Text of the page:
At 101, Jean Boggs advises ‘pray more, worry less’

MOUNT PLEASANT—A sign on the wall of her room at Sweetgrass Village sums up Jean Boggs’ attitude toward life: “Pray more, worry less!”

That perspective — joy mixed with a strong, unwavering faith in God — has helped her thrive for 101 years.

Mrs. Boggs celebrated her 101st birthday on July 9 surrounded by family and friends. For her party, she was decked out in a festive hat topped with pink feathers. Her big gift was a new acoustic guitar. She is a music lover who sang and played guitar in an upstate band called Dave and the Nitros back in the mid ‘90s, and she wants to take lessons to improve her skills on the instrument.

Living, loving and learning new things at 101 — that is Jean Boggs.

Joy radiates from her from the moment she is introduced to someone, and within an hour the newcomer feels like a friend.

That openness to life’s new experiences and new friends has helped her approach all the twists and turns of a long life with a positive outlook.

Mrs. Boggs was born in Florence but moved to Greenville when she was a small child. The city would be her home for the next 90-plus years.

She was the oldest of six children of the late Clarence and Catherine Fraser. Her father hailed from Walterboro and her mother was a Charleston native, but Mr. Fraser’s work with an oil company prompted the young family to move to the Upstate.

Photo provided: Jean Boggs receives the Catholic Woman of the Year award at St. Mary Church in Greenville in 1962 from the late Msgr. Charles Baum.

The Catholic faith was central to the Frasers’ life, and they quickly found a spiritual home at St. Mary Church in downtown Greenville. Mrs. Boggs attended St. Mary School for several years and was active in the parish from a young age. In her teens, she helped form a group for young women at the church.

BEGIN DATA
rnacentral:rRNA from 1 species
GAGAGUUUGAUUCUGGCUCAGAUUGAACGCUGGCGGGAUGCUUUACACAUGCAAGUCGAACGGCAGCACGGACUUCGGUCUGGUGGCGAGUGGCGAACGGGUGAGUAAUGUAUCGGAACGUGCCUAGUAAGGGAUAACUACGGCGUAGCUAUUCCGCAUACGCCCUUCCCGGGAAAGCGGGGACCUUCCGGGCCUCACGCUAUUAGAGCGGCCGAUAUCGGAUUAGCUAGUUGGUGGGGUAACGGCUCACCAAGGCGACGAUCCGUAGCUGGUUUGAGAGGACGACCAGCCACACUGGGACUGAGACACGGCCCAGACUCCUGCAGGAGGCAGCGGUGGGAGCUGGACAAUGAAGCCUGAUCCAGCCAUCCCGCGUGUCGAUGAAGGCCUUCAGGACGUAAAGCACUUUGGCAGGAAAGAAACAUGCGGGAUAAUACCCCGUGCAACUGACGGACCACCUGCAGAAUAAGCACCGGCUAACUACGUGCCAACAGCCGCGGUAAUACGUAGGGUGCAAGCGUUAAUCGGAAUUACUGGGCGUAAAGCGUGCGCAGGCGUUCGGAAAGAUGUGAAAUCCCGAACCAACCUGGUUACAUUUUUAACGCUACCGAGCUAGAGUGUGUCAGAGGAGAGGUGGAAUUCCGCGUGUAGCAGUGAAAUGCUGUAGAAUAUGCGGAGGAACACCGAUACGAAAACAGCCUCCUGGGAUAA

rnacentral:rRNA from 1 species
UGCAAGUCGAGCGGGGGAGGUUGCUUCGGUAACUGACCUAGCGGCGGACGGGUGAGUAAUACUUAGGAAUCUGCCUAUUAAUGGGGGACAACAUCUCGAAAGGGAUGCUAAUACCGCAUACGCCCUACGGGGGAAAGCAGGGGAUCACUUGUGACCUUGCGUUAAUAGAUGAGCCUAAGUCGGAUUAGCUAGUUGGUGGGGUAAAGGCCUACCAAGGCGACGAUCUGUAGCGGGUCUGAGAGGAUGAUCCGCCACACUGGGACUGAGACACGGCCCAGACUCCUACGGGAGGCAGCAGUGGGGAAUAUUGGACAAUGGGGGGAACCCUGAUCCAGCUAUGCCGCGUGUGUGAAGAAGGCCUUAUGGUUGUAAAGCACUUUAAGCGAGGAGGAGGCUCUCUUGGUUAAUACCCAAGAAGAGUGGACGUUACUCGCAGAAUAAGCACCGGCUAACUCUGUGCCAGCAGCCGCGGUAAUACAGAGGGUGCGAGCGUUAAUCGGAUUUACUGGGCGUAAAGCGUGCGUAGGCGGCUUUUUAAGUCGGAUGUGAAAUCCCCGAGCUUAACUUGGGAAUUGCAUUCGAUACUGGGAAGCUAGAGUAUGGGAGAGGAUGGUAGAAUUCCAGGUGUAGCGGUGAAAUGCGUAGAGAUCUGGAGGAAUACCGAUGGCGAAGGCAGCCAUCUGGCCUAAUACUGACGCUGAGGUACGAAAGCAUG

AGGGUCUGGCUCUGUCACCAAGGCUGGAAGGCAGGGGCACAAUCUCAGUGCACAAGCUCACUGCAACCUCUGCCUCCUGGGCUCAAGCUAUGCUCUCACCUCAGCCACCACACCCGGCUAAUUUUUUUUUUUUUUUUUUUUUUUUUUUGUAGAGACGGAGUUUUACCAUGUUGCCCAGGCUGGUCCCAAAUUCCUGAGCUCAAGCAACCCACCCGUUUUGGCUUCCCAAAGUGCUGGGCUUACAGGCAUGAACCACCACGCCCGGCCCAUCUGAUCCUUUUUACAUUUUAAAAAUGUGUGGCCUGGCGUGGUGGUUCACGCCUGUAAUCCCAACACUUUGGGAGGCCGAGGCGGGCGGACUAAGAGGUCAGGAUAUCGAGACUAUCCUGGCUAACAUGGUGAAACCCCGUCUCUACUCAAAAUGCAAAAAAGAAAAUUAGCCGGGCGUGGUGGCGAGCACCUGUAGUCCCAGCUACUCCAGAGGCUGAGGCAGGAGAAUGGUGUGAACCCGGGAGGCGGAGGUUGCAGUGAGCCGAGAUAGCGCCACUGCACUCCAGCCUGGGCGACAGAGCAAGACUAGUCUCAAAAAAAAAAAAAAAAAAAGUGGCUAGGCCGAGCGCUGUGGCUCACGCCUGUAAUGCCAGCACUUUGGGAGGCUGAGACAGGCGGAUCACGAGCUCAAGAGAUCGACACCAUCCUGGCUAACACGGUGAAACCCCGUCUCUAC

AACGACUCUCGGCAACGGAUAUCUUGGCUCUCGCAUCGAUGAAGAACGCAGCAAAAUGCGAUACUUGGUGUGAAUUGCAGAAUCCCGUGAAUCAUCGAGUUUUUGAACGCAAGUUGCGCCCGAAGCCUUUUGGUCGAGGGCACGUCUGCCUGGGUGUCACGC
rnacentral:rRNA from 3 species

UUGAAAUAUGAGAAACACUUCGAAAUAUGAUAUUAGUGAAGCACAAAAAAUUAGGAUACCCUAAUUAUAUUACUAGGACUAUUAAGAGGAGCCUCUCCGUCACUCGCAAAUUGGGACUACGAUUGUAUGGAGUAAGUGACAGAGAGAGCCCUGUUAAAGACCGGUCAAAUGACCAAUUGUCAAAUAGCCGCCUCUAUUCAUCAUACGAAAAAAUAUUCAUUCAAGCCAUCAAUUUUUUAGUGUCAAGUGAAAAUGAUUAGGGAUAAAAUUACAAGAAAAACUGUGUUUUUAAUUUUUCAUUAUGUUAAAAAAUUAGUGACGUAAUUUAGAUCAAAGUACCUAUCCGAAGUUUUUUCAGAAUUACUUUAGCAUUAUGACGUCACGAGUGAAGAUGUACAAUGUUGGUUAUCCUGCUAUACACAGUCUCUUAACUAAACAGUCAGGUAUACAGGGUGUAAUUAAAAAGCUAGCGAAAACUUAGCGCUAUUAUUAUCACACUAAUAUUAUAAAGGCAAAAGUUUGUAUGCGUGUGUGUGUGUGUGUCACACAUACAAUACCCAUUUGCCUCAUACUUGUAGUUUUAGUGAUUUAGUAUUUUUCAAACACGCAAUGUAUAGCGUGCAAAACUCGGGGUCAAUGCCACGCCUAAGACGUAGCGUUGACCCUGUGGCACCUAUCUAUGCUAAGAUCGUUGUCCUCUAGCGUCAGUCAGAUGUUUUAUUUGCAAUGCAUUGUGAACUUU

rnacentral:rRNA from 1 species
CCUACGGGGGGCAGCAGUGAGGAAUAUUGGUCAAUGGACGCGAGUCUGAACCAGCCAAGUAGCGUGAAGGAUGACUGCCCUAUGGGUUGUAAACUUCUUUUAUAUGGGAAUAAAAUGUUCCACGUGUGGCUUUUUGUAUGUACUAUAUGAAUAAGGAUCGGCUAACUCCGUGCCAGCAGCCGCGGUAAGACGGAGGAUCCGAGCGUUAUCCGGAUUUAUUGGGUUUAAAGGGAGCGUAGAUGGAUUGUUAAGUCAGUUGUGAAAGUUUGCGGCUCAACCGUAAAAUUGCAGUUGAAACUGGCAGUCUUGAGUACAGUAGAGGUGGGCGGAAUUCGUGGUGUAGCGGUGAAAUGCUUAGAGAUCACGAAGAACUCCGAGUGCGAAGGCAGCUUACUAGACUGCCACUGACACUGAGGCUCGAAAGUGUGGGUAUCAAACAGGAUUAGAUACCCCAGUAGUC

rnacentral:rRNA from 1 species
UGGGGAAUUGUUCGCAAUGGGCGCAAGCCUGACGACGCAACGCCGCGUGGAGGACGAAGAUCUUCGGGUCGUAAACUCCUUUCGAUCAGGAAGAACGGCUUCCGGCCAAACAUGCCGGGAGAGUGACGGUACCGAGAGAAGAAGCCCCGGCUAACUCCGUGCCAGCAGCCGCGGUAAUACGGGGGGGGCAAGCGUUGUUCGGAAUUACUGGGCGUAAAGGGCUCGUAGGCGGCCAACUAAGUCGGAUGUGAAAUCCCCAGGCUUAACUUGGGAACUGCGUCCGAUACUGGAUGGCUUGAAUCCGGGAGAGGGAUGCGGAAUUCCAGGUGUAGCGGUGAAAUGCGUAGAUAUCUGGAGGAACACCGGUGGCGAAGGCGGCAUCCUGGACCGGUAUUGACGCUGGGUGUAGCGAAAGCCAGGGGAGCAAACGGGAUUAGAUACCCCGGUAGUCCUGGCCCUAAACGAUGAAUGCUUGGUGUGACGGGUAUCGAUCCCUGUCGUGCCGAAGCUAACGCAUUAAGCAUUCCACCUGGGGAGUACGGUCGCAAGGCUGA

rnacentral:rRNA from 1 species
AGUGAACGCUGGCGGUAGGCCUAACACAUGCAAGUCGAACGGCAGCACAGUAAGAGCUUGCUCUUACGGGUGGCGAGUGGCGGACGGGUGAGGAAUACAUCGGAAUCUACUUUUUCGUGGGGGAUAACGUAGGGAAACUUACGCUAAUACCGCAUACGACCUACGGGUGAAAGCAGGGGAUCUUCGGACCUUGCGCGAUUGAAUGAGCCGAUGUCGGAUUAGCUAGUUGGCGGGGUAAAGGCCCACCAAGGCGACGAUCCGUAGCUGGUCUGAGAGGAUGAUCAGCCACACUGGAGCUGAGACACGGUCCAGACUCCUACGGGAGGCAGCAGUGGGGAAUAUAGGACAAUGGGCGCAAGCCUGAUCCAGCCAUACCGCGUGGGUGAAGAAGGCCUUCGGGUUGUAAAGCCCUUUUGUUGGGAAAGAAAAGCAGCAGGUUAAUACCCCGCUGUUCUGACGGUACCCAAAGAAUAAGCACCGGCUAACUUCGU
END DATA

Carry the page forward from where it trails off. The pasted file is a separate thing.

The 1940s brought both love and sadness. She met Albert Folger from the nearby town of Pickens, and the two quickly fell in love, married and started a family. Their happiness was short-lived. World War II was raging in Europe, and Albert was sent overseas with the Army.

He was killed on the beaches of Normandy in 1944.

Mrs. Boggs carried on despite her grief over losing Albert, and in 1950 she married her second husband, Lewis Boggs, who worked as a wholesale lumber salesman in Greenville. They had been married for 56 years when he passed away in 2006.

Both her marriages brought her happiness and gave Mrs. Boggs what she says are “my jewels — my six children.” She also has eight grandchildren and nine great-grandchildren.

Raising her family was Mrs. Boggs’ main occupation, but her life was also filled with many other activities. She taught Sunday school for many years at St. Mary and was a vital member of St. Mary’s Council of Catholic Women. An avid gardener, she taught classes on trees and other subjects in Upstate schools as part of the South Carolina Garden Club.

And then there was Dave and the Nitros. In 1994, she joined the group, based out of a senior center in Greenville. The members, all over 55, played guitar and sang a wide variety of popular tunes.

The Upstate was her home until she uprooted to move to Mount Pleasant in 2017, where she lives near her oldest daughter, Taylor Smith. For some people, leaving a long-time home would bring sadness or fear. Instead, she has embraced her new city.

“I loved Greenville so much, but I love Charleston too!” she said. “What is there not to love about Charleston? They are two entirely different places but both of them are good.”

At Sweetgrass Village, she made dozens of friends. She is nicknamed “The Turtle Lady” because of her love for them, and her room is filled with turtle figurines and decorations given by friends and family. She takes part in activities, attends Mass at Christ Our King Church when she can, and takes part in communion services at the Village.

A sharp dresser with a quick mind and memory, Mrs. Boggs says the secret to a long life is “coffee.” She drinks several cups a day.

Prayer and her strong faith have kept her going, she says, and she also encourages people to “Find what makes you happy, and pursue it!”

In the end, her age doesn’t mean much to Mrs. Boggs.

“Being 101 doesn’t feel any different at all,” she said. “I feel like I’m 16!”

Top photo, Miscellany/Christina Lee Knauss: Jean Boggs (left) enjoys time with her daughter, Taylor Smith. Both women live in Mount Pleasant.